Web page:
3. Hexadecimal would actually be faster to communicate in. If you have to use a 'space' in between each letter, then you're looking at two camera movements for the first 9 (or 10 if you map A to 0) letters of the alphabet, and three movements for the rest. Hexadecimal is two camera movements per character.

• Although there is no textual source, if one were to ask the author I'm sure reason #3 here would come up. Communicating in hex would just be faster. Plus, if any binary programs needed to be sent, they could just be sent in straight hex. Commented Nov 13, 2015 at 18:15
• A long time ago, I did a whole bunch of coding in hex. It's not as difficult as it looks if you've done a lot of it. Plus it's very efficient when sending information in a limited bandwidth. Commented Nov 14, 2015 at 2:29
• If you remove the 32 non-displaying characters, all of 7-bit ASCII can be encoded by 2 digits of 0-9. However, this would require additional communication with NASA to establish a new standard, something Mark didn't have. Commented Aug 7, 2016 at 5:31

He isn't a computer scientist. Inventing a new way to transmit all of the text you want isn't going to be trivial.

He could have made a 100 entry table (with values 00 to 99), and assigned each one a character. But then he'd have to communicate the table back to NASA headquarters, and it would take the same number of messages to transmit a character anyhow! (2 messages per character).

Simply sending 01-26 to encode letters isn't very good: encoding numbers would require spelling it out! It gets worse if they need to communicate `?` or `!` or `.` or `,` or `#` etc. (unlikely, but possible)

ASCII is going to be well known to both sides. There is no need to transmit a table. It contains a basic character set that will allow you to pass most technical information (including programming) between one side and the other. On Earth, they'll be able to type up a message in a text editor and transcode it to ASCII by just looking at the raw bytes of the message, and won't have to custom-write software to do it, which makes the problem easy and reliable on their end.

In short, there was already a well-known way to communicate using 2 nibbles per character. Reinventing a new protocol will be error prone and more difficult. Once 1/17th of an arc was large enough to distinguish easily, there is not much benefit to going to less precision, at least initially.

As noted, going to 26 or 36 or higher runs into precision problems (26 letters + 10 numbers + space + 3 symbols = 40, or 9 degrees of arc per character). So transmitting 1 letter per camera move wasn't practical. Doing 2 characters per 3 camera moves would probably be doable, but runs into the "redesign" problem and protocol communication issues.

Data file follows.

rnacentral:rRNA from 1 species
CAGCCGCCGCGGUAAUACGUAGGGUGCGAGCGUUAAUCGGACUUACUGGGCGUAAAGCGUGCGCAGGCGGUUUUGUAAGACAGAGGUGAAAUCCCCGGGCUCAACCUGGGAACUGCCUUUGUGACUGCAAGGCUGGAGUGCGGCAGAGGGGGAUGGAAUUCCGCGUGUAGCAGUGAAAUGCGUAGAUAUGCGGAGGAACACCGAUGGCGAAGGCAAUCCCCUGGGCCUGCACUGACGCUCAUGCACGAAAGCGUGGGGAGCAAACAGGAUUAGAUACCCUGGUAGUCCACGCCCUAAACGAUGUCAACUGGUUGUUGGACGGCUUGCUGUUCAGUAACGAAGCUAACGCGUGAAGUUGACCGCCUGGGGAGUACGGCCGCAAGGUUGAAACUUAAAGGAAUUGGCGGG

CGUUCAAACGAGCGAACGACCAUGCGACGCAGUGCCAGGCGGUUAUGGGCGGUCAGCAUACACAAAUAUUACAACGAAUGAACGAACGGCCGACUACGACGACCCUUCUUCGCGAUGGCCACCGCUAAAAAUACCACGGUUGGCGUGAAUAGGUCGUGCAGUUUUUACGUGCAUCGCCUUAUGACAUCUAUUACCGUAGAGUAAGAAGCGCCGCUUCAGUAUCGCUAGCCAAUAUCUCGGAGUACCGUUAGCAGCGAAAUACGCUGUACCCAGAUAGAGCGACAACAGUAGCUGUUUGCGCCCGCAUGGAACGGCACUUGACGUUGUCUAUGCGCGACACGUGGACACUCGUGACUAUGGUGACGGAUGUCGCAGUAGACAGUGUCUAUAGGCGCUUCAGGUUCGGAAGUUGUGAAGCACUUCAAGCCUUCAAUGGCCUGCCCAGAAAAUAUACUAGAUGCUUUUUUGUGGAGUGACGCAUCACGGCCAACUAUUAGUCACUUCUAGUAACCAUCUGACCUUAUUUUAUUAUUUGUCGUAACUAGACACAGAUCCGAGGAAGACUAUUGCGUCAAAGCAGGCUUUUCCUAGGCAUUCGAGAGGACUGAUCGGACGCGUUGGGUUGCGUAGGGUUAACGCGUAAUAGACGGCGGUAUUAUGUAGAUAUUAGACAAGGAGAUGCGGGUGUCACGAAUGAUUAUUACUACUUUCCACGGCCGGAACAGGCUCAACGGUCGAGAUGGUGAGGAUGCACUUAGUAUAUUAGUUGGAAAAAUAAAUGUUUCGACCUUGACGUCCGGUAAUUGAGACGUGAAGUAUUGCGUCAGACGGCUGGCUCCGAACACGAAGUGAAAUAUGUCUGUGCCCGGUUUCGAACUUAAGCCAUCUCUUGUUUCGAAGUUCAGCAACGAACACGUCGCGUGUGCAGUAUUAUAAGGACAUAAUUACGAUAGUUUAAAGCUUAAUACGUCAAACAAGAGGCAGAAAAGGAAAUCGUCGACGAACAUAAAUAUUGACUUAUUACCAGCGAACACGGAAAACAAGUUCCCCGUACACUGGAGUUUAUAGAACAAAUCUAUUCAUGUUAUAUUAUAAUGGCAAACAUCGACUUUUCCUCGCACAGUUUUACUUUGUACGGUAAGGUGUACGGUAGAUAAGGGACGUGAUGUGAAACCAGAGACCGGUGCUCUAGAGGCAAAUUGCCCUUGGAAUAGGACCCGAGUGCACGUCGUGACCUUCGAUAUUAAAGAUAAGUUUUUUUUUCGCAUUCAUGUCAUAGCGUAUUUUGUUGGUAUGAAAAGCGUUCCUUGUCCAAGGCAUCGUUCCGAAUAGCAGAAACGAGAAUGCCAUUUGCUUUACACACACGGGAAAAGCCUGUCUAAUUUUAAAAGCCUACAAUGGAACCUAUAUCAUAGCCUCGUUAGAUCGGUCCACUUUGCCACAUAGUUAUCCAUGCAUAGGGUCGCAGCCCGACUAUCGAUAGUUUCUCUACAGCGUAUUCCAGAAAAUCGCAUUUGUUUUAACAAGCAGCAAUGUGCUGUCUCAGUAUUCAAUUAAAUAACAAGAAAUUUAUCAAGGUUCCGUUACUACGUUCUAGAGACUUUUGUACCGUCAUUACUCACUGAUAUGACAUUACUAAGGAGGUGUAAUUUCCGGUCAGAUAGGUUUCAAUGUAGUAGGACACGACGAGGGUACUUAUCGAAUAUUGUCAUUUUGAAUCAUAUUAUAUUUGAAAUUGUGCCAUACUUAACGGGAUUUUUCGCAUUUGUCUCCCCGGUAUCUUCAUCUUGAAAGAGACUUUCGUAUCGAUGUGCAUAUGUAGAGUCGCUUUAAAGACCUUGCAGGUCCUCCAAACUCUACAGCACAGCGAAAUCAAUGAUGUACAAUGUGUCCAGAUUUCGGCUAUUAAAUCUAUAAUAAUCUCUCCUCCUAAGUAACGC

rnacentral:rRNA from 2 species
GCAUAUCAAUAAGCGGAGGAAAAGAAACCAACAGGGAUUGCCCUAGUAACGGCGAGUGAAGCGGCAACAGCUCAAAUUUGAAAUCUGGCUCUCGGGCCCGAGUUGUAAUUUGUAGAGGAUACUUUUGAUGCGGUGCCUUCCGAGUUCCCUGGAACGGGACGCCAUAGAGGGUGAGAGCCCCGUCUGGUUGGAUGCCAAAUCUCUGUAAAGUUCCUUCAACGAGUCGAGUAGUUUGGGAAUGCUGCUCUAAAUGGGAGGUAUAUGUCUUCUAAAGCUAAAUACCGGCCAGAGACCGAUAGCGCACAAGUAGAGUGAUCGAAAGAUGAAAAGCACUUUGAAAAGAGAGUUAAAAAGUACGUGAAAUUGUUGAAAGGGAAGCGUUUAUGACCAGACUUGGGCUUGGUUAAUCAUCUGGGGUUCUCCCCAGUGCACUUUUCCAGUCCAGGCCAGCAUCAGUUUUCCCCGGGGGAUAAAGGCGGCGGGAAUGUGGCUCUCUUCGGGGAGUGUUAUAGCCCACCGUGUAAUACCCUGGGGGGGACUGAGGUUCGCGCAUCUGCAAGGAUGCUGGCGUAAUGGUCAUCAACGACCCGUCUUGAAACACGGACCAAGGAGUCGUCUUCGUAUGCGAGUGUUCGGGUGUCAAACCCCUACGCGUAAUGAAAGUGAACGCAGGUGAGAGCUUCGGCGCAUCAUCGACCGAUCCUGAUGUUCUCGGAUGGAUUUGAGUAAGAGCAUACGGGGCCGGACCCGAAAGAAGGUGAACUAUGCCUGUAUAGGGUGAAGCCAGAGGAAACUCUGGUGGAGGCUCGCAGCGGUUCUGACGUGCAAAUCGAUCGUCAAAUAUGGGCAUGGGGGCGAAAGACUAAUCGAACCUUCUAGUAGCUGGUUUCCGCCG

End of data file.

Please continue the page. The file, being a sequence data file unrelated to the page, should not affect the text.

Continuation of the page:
Meanwhile, sending "Use ASCII", and signs saying 0-9 A-F and a ? solved the problem.

I suspect that part of the reason is that it makes it look more technical and impressive.

In theory, hexadecimal should allow much higher bandwidth - for each two positions of the camera, 1 full byte can be transmitted, with 255 possible characters. In contrast, a decimal approach would only allow 99 characters. However there is nothing (that I can recall) that shows that the extra bandwidth was necessary or even used.

The simpler decimal system could easily include the 26 capital letters, 26 lower case letters, numbers and associated punctuation marks.

The hex approach use relies on the ASCII table - which is usually only 7 bit; only 4 values (out of the full 16) of the first digit are used for printable letters if lower case letters are excluded.

Where the extra bandwidth would have been useful would have been to define a table of most-used words. Mark could easily have written a list of common words and displayed them to the camera. They could have vastly increased the speed of communication, since they would have had a vocab of 12x16 = 192 words to use. Xkcd (https://xkcd.com/1133/) has shown us the very full communication is possible with only 1000 words (10 bits). Having 192 fast words, with full spelling out of any words not in the list, would make communication much less tedious. It also doesn't seem unreasonable for Mark to figure this out and communicate it to Earth. Even just a few words would help.

If he had more paper and some patience, an even better approach would be to use 3 digit hex codes - this would give him 4000 words, plus the alphabet.

Even better would be to adopt some simple Huffman coding - i.e. use shorter codes for frequent symbols. He could put the most common words/letters in the first digit, along with special codes for 2 digit or 3 digit words. This would give varying message length, but would still be very feasible to decode by hand.

But the best approach of all would be to use the computer to work out an optimally compressed set of data, and then just transmit this using the full 8 bit range. This would require somewhat tricky programming that would probably be beyond him - it wouldn't be efficient to use the standard compression libraries since a fixed dictionary approach would be better. This way he could approach the theoretical limit of 1 bit per character, or 4 characters for each positioning of the camera.